a web-based risk management tool on the server that provides standardized interfaces for searching, viewing and entering information to and from the shared risk data base via a web browser;
an intranet; and
a plurality of computer workstations in communication with the server via the intranet, each said workstation provided with a web browser to search the database using the standardized interfaces to identify risks, to select entries from the Pf and Cf tables to calculate and prioritize a risk factor Rf for each risk, and to search the database to identify existing risk mitigation plans for the prioritized risks.
20. The system of claim 19, wherein the tool's standardized interface includes a menu bar with pull-down menu items and menu sub-items to view the current programs, to view program risks, to conduct an enterprise search to identify risks and to conduct a risk mitigation search to identify mitigation plans and hyperlinks to the Pf and Cf tables.
21. The system of claim 19, wherein the PF table has a plurality of risk categories, each said category having table entries that include standardized qualitative probability definitions and the Cf table has a schedule impact category with table entries for specifying a schedule impact amount in days, weeks or months and having a cost impact category with table entries for specifying multiple subcategories of cost impacts in actual dollars for the development project, said web browser providing administrative access to at least one user to tailor the Pf table to have fewer categories that are relevant to the current project and the Cf table to specify the amounts in days, weeks or months of the table entries in the schedule impact category.
22. The system of claim 19, wherein the workstation via the web browser submits an enterprise search that includes a combination of at least two parameters including current or historic, risk factor, vendor, component, functional area, category, key word in risk title, key word in risk description, IPT, actionee, actionee/team lead/submitter or risk number and the server returns via the web browser an enterprise search results list including for at least one risk a combination of risk number, program, risk title, a current risk factor and its risk mitigation plan.
23. The system of claim 19, wherein the workstation via the web browser submits a mitigation search that includes a combination of at least two parameters including a risk description, risk status, start date, original planned complete date, planned complete date and complete date and the server returns existing mitigation plans that satisfy the search parameters.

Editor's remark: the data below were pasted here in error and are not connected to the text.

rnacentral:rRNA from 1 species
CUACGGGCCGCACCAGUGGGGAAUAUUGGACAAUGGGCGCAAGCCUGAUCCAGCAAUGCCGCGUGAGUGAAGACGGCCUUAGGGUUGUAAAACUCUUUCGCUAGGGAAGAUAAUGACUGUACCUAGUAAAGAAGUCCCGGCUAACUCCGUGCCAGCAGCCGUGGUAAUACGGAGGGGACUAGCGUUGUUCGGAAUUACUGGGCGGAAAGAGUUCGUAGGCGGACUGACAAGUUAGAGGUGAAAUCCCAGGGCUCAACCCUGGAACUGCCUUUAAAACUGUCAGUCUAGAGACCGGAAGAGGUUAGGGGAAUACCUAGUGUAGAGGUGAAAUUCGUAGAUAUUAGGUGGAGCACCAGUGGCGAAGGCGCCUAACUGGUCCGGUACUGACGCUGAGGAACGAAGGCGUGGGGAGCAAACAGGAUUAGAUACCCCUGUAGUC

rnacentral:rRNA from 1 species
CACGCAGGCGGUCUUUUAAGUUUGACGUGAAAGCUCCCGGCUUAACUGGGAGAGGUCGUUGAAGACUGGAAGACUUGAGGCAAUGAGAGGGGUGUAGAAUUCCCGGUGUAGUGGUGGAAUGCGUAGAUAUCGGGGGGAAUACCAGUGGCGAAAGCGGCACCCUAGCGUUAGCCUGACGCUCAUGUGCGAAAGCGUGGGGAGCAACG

24. The system of claim 19, wherein the workstations automatically submit identified risks, risk factors and mitigation plans to the shared database, said server automatically generating risk reports including identified risks, prioritized risk factors and mitigation plans for the current project.
25. A web-based risk management system for managing risk related to a successful completion of a development project, comprising:
a server comprising a shared risk database that stores a probability of occurrence (Pf) table having a number of risk categories and a severity of consequence (Cf) table having a schedule impact category with table entries specifying an amount in days, weeks or months and having a cost impact category with table entries specifying multiple sub-categories of cost impacts in actual dollars for the development project, risk identification information and risk mitigation information;
a web-based risk management tool on the server that provides standardized interfaces having a menu bar with menu items and menu sub-items for searching, viewing and entering information to and from the shared risk data and hyperlinks to the Pf and Cf tables base via a web browser;